The government to date has given no indication that it intends to block the Amedisys deal, but more of these types of investigations into similar transactions will likely go forward, Mike said. Regulators may also require some companies to divest a certain number of assets before they can close a deal.
Congress steps in
Congress is also asking questions. Sen. Elizabeth Warren (D-Massachusetts) and Rep. Pramila Jayapal (D-Washington) in October called on the Justice Department and the FTC to “scrutinize” the Optum-Amedisys transaction.
Warren and Jayapal voiced antitrust concerns in their letter to Jonathan Kanter, head of the Justice Department’s antitrust division and FTC Chair Lina Khan.
“The acquisition of Amedisys by UHG is one such transaction that the agencies should examine, though by no means the only one of its kind,” the senators wrote. “We therefore urge the agencies to closely scrutinize this and other similar acquisitions and block any activity found to be illegal under antitrust law.”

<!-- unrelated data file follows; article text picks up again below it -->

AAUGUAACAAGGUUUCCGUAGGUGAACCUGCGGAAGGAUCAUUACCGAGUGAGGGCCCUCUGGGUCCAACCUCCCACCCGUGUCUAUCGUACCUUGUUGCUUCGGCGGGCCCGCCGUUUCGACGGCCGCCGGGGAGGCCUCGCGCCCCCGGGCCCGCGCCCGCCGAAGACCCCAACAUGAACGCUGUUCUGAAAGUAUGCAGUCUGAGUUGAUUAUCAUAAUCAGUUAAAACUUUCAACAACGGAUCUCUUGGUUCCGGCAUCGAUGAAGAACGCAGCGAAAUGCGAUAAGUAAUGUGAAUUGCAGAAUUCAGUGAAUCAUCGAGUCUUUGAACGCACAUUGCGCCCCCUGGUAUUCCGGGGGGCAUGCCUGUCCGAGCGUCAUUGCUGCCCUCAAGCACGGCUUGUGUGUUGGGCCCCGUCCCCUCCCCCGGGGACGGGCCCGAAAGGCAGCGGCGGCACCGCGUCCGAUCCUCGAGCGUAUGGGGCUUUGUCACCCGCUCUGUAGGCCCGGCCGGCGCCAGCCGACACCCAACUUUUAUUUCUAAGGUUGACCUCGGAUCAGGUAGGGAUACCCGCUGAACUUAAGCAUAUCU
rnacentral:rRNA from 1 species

While the heightened oversight may not necessarily kill deals of that size, it could make them more challenging to complete. At the very least, buyers and sellers will face more questions and extensive requests for information regarding their businesses and their agreements.
“The policy of this administration has been to really significantly beef up and increase the amount of antitrust enforcement. If the proposed merger guidelines are, in fact, adopted and ratified, you would see the agencies following that approach even more closely,” Dashefsky said. “Some of that could potentially result in some deals not going through or companies may decide to not explore them as a result of the increase in enforcement.”